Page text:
Roger H. Siminoff has been designing, building, playing, and researching musical instruments for more than 45 years. The combination of these talents, coupled with his love of writing, has made Siminoff one of America’s foremost authorities on string instruments and their design, a leading music journalist, and a highly respected inventor.
Having branched out into the building of mandolins in early 1970, Siminoff conceived and built special carving machines to do the exact shaping of instrument necks, and mandolin tops and back plates. To bend wood for banjo rims and mandolin sides, he developed a unique steam chamber long enough to roll a 12’ length of 1/4″ maple into a single seamless banjo rim. By 1973, he had developed a multi-axis truss rod system to counteract the forces of string tension on musical instrument necks. For this design, he was awarded a U.S. Patent in 1974 and later licensed the patent to Gibson Incorporated.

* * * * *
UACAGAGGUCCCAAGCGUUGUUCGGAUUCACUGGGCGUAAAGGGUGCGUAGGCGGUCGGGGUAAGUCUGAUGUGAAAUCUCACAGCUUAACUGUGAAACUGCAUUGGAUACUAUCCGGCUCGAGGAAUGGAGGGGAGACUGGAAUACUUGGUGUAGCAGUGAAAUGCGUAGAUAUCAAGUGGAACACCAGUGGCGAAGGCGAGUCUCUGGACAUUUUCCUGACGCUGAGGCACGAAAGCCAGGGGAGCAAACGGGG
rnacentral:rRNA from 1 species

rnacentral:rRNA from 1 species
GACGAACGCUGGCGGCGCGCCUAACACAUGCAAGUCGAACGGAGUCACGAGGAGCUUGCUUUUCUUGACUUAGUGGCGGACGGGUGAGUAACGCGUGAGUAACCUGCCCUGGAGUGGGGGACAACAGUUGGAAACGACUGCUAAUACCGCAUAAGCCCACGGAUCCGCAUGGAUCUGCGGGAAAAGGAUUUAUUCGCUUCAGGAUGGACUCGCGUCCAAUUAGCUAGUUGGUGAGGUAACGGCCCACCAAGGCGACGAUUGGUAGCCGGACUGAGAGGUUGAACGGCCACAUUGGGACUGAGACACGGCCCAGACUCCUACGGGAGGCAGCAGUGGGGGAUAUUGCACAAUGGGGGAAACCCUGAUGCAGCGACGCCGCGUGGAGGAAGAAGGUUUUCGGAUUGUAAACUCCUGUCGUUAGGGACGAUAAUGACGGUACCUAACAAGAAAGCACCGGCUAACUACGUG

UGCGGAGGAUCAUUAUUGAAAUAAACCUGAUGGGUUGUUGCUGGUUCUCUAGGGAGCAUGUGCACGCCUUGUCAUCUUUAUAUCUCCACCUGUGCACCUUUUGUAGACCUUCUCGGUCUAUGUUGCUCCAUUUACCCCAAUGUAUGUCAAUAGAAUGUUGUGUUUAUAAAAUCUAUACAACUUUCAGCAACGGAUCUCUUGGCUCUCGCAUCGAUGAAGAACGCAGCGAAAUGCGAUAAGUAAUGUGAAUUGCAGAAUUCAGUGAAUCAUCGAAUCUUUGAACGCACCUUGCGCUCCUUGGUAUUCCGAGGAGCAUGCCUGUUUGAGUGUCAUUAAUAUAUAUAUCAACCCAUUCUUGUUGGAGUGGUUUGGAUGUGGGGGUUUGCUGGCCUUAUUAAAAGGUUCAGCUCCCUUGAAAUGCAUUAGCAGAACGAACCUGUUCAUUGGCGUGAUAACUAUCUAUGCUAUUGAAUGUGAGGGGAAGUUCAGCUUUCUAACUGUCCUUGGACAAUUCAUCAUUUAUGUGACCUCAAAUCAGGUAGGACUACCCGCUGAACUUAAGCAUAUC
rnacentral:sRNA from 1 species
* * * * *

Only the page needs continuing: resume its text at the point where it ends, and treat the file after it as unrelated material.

At that same time, Siminoff had several other musical designs in progress. These included the invention of a guitar tuning knob with a fold-out fast-wind crank for which he was granted a U.S. Patent and several foreign patents. The knob, dubbed the “CRANK,” was licensed to Gibson and then to Schaller (W. Germany), a world renowned manufacturer of tuning machines. A unique nut, with adjustable-action supports for each string earned Siminoff another U.S. Patent, and it was subsequently licensed to Dunlop Manufacturing. A few more patents were granted for inventions to help reduce the frustration and inconvenience of changing strings: he developed two methods to change instrument strings without cutting, twisting, or knotting them. One design, a string with a special pin at its peghead end, was licensed to Gibson under the name “GRABBERS.”